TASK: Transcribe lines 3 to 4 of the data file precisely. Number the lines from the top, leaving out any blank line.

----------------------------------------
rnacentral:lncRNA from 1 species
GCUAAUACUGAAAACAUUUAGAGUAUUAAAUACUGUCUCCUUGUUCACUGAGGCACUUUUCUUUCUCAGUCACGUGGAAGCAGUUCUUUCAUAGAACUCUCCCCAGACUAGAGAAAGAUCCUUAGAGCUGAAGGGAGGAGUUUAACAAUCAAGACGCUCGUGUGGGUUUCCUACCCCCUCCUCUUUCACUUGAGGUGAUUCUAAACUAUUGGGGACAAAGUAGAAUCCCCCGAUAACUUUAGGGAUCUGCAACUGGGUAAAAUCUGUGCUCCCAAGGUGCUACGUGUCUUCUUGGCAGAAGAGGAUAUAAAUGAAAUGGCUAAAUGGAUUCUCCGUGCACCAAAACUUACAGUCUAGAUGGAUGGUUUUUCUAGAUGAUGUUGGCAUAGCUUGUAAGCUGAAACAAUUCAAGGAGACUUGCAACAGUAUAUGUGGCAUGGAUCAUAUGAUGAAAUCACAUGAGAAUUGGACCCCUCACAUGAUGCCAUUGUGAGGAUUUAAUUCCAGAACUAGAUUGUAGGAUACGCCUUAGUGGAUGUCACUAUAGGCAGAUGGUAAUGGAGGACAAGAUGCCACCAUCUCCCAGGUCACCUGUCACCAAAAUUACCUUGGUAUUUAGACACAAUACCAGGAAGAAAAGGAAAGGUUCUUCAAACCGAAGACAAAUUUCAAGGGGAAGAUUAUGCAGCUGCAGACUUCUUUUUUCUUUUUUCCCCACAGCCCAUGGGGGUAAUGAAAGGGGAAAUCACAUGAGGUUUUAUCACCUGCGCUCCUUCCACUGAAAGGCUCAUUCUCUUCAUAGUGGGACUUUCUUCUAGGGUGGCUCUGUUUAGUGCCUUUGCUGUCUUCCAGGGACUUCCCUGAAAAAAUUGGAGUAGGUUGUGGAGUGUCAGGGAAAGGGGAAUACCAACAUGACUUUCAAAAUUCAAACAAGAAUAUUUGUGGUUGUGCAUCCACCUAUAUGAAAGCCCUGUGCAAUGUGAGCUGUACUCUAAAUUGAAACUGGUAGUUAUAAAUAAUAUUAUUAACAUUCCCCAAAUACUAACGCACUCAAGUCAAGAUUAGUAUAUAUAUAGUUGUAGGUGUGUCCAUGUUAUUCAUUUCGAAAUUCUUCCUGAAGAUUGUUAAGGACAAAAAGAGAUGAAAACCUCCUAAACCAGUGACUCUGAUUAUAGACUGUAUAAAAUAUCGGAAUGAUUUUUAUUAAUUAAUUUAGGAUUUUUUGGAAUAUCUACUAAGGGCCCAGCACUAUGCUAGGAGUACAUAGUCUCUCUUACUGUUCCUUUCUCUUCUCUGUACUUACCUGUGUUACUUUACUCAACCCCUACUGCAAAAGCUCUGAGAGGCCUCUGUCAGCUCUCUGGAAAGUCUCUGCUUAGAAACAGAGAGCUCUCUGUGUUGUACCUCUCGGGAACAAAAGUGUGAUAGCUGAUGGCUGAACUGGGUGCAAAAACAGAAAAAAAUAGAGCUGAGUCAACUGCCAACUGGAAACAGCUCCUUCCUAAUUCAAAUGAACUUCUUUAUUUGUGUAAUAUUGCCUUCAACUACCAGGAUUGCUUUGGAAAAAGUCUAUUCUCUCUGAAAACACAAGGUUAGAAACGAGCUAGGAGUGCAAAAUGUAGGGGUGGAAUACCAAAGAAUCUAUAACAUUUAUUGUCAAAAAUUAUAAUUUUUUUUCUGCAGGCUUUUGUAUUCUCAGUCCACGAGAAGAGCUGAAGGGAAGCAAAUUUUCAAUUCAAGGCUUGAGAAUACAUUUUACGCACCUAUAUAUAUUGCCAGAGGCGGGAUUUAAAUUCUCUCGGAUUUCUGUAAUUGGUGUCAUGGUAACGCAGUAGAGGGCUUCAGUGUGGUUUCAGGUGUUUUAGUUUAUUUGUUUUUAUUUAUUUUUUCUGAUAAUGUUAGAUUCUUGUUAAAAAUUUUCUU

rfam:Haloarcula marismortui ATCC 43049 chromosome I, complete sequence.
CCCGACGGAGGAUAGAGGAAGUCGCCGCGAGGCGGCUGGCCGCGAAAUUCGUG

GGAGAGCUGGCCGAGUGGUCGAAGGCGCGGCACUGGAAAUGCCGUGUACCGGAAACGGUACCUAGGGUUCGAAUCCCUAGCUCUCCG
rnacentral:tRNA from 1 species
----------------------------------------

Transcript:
rfam:Haloarcula marismortui ATCC 43049 chromosome I, complete sequence.
CCCGACGGAGGAUAGAGGAAGUCGCCGCGAGGCGGCUGGCCGCGAAAUUCGUG